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Consumption-led model cannot give us double-digit growth: CEA
July 13, 2016

NEW DELHI: The Chief Economic Advisor (CEA) to the Prime Minister, Arvind Subramanian, believes a solely consumption­led model of economic growth will not be able to sustain a double­digit growth rate in India.

 

Speaking at the India Policy Forum 2016 organised by the National Council of Applied Economic Research (NCAER), Subramanian said the new wave of anti­globalisation sentiment in the advanced economies could pose a threat to the Indian economy in the short run.

 

"India's exports and GDP growth could slow down due to protectionist measures in the West in the wake of Brexit and a possible Trump presidency in the United States," he said, adding that, "It could be offset by an above­normal monsoon and a possible maintenance of status quo by the US Federal Reserve."

 

However, he said India has emerged a safe haven for investors in the light of the anti­globalisation threat.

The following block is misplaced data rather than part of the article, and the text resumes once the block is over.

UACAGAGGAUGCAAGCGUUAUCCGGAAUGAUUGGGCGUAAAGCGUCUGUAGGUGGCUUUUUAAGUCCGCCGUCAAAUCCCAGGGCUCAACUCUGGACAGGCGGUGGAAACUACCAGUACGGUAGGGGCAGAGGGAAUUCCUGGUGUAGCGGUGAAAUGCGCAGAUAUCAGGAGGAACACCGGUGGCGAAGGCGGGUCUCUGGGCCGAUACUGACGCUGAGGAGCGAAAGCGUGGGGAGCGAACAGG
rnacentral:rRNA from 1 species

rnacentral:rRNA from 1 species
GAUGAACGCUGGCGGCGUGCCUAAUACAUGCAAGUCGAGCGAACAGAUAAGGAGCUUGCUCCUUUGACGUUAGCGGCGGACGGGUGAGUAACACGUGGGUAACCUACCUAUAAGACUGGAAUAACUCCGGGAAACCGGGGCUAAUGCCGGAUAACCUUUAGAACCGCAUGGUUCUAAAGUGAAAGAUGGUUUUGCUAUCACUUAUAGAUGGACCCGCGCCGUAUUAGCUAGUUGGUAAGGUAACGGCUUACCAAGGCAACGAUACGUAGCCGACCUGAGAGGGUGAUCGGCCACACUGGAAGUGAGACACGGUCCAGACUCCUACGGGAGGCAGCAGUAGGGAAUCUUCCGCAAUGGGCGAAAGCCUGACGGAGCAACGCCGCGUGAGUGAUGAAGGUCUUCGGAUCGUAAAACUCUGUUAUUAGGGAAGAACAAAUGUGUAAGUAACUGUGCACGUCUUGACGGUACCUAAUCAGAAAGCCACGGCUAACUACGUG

Subramanian appealed for policies that supported a more "outward strategy" of growth instead of an "inward strategy" as demand is "infinite" in the external sector.

 

He said too much emphasis on the consumption­led growth model, as has been suggested by various voices in the economic policy domain, will end up giving rise to inflation, as demand will remain limited.

 

As a measure of policy, the CEA suggested that India could employ a policy mix that focuses not only on manufacturing export but on services export too.

 

"India is a powerhouse in services export and can be unique if it follows a combination of manufacturing and services export models," he said, emphasising that there was "no reason why India should just rely on manufacturing exports".

 

"Make in India is important, but India does not need to rely just on manufacturing," he said.

 

Data released by the Reserve Bank of India (RBI) in June showed India's services export was flat compared with the same month a year ago. India's services sector export have shown a flat trend with net export declining in the month of January.

 

However, Subramanian stressed that given the re­balancing in China towards a more consumption­led model, India can emerge as a replacement of China in world trade.

 

"Signs are there that India can take China's space in world trade," Subramanian said, calling for India to become the next leader at the World Trade Organisation.

 

China currently accounts for 13.8 per cent (as of April) of global trade compared with India's 1.6 per cent share.

 

Published in: The Economic Times July 13,  2016

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